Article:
St Barnabas Church, Warrington

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St Barnabas Church viewed from north.
German stained-glass windows at the 'west' end of the church
Wooden interior of St Barnabas Church.

St Barnabas Church is a small wooden Anglican church in Warrington, New Zealand. It was built in 1872.[1]

History[edit]

Anglicans met at the Pitt residence in Warrington until Mrs Pitt donated 2 acres (0.81 ha) of land for a church. The building was built by Benjamin Smith, opening on 11 November 1872.[1]

The church building and its community are named after St Barnabas, one of the first prophets and teachers of the Christian Church at Antioch. St Barnabas Church is now (2012) Warrington-Waitati Parish of the Anglican Diocese of Dunedin.[2]

St Barnabas in 2015[edit]

In 2015 St Barnabas is the centre of the Anglican Parish of Warrington Waitati and the only living church in the Blueskin Bay area. A service is held every Sunday at 9:30 am. Our grounds and graveyard are well maintained, the outside of the church is being painted. Plans are being made to expand the hall & improve our toilets. The event of 2014 must be the unexpected visit by the Archbishop of York, John Sentanau, on March 16 when he was in Dunedin to speak at the University of Otago.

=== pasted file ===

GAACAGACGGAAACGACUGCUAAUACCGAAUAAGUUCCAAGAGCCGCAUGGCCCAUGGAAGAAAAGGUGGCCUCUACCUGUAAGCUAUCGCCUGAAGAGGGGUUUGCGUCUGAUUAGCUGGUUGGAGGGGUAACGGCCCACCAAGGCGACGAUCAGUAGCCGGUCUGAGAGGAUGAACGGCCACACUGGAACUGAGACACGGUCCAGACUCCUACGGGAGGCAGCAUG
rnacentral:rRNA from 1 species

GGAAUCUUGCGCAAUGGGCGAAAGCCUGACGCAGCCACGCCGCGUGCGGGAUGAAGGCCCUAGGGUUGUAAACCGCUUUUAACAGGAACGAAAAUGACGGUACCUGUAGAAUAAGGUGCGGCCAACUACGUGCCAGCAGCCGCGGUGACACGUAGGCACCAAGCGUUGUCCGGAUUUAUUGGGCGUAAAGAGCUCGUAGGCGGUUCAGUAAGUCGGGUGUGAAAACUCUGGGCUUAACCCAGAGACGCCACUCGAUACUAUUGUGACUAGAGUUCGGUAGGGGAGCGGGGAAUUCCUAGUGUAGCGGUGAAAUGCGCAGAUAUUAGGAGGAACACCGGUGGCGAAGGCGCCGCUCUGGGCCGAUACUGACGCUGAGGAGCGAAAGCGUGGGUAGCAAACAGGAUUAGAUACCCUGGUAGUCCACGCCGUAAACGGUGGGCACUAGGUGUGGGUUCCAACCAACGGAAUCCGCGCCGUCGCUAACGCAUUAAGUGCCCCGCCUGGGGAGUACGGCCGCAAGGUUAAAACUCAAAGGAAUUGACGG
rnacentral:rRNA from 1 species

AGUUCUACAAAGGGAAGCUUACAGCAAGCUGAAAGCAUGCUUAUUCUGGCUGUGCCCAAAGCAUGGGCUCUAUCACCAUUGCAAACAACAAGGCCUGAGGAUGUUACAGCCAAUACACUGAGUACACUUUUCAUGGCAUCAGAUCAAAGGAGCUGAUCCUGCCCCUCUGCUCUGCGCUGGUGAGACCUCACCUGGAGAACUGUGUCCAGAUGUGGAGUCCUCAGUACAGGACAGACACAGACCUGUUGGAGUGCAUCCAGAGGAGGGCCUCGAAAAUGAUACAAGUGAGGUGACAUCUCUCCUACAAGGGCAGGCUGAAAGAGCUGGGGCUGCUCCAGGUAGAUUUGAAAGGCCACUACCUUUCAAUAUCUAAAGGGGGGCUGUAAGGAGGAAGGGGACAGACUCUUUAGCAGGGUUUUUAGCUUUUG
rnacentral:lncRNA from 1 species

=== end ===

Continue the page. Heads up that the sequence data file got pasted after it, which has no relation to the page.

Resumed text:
A revised history of St Barnabas and it's people is being researched and written by Roger, Jean and Stuart.

Building[edit]

The church is set in woodland and is surrounded by a cemetery. Otago's first Anglican Bishop, Samuel Tarratt Nevill was buried here in 1921.[1] A traditional lych gate marks the entrance from Coast Road. The church is built in board and batten with a wooden shingle roof and a small copper-tipped tower, fitted with a bell inside. The stained glass windows are unusually elaborate for such a small building. They depict among others St. Joan of Arc and Christ the Redeemer. They have been said to have been ordered for a Roman Catholic church in Brisbane but diverted to Dunedin following a waterfront dispute.[1] However recent research has found this to be mythical, and the real story of their original destination is even more complicated and interesting. The building is listed as a Category II Historic Place.[3]

References[edit]

  1. ^ a b c d Ian Church Blueskin Days, Waitati 2007
  2. ^ Dunedin diocese website
  3. ^ "St Barnabas Anglican Church". Register of Historic Places. Heritage New Zealand. Retrieved 2009-09-30. 

External links[edit]

Coordinates: 45°42′24″S 170°35′40″E / 45.706643°S 170.594310°E / -45.706643; 170.594310